Sun sharpens new blade for federal sales

In an effort to sell products and services to government agencies with maxed out data centers and legacy applications, Sun Microsystems Inc. introduced a new blade server the company says can compete with traditional rack-mount servers.

The Sun Blade 6000 Modular System offers a choice of three processors: UltraSPARC T1, Intel Xeon or AMD Opteron. Those choices make it possible for customers to run a range of applications such as virtualization, database and high-performance computing.

Anthony Robbins, Sun's vice president of federal sales, noted that enterprise consolidation and virtualization is on the list of every agency CIO's top 10 challenges.

"It's been a CIO top 10 challenge three years in a row," he said, "And the only thing that is happening is this specific problem is moving up in priority."

A massive build up of the Unix install base over the last 30 years has left agencies with the problem of supporting legacy applications in modern data centers. On top of that problem, government agencies face space, power and cooling problems.

"So everybody has these legacy systems, and they have this opportunity to consolidate applications," Robbins said. "What blades can do is offer major consolidation plays, major savings in power, space and cooling: and preserve legacy code."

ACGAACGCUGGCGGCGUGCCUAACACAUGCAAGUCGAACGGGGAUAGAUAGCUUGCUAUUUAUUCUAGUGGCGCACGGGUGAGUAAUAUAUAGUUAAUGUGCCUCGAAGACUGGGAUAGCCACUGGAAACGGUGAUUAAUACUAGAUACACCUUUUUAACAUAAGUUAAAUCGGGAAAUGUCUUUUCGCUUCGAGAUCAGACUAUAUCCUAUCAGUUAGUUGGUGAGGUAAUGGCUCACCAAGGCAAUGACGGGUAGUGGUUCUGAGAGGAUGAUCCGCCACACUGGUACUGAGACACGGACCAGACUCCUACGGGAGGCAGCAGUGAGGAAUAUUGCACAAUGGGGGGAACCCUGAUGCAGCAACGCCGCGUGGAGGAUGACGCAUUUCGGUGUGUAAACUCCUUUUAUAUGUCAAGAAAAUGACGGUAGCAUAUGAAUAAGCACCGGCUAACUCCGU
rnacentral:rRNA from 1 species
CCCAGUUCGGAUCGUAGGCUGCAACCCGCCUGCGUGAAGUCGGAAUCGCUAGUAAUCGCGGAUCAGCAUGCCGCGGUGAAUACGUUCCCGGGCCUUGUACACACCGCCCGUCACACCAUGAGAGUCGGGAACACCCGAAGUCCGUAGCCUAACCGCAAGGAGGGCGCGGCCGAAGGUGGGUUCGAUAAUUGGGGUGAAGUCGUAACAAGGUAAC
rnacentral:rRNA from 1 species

Sun is betting that technology that allows customers to preserve massive investments, while at the same time meeting consolidation priorities will be a winner.

Intel officials, who worked with Sun on the project, agree blades have a big future.

"The blade segment in of itself is increasing so it's important to for Intel to be heavily involved in that particular segment," said Nigel Ballard, Intel Corp.'s government marking manager. "The blade market is expected to double this year."

Sun and Intel are based in Santa Clara, Calif.

About the Author

Doug Beizer is a staff writer for Washington Technology.

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